Kenyan elementary students acquire tables through school fundraiser

Kenyan elementary students acquire tables through school fundraiser

Students at Maya Primary School in Kenya learn at the desks provided to them by Caitlin Chung's '20 work with M-Tree. Credit: Caitlin Chung/Chronicle

Mtree, a nonprofit organization dedicated to creating innovative solutions in developing countries, delivered tables to Maya Primary School in Kenya as a result of fundraising efforts by Chronicle Photography Editor Caitlin Chung ’20.

Mtree replaced rocks and stumps with tables

During her sophomore year, Chung held a fundraiser in which she sold açaí bowls to Upper School students from RioZonas Açaí, a local store in Studio City. By the end of the fundraiser, Chung had raised $1,496 out of her goal of $1,500. M-Tree used the funds to purchase tables to replace the rocks and tree stumps students at Maya Primary School had previously used as desks and chairs.

The Kenyan government awarded Chung the Service Recognition Award for her work with Mtree. Chung said that the award shows the extent of M-Tree’s work in Kenya.

“A seemingly small impact can actually go a long way, especially in a community that hasn’t really gotten the national attention or even the local attention of the authorities there,” Chung said.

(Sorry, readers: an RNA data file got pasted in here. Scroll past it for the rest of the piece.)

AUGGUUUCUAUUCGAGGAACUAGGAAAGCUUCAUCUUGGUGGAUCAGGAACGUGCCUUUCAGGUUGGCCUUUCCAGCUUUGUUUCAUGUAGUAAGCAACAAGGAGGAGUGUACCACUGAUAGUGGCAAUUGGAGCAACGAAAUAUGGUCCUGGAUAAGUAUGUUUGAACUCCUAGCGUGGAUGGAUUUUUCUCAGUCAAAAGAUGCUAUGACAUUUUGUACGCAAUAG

Charity event could become annual

Chung said she is currently working to organize an annual charity concert, with proceeds benefiting Mtree.

As a member of Community Council, Chung would like to create more quality-based service opportunities in the future.

“I think seeing the people who actually sacrificed their time and their lives when they’re young … devoting it to some mission that is far greater than their own interests, that really changed my perspective on service and just kind of service in general,” Chung said.

Chung said it is important for students to know that their contributions to fundraisers and community service events truly make a difference in the lives of others.

“We do a lot of fundraisers at school that are based on selling food, and a lot of people forget that a cup of açaí can actually turn into a chair and a table for a student in Kenya,” Chung said.

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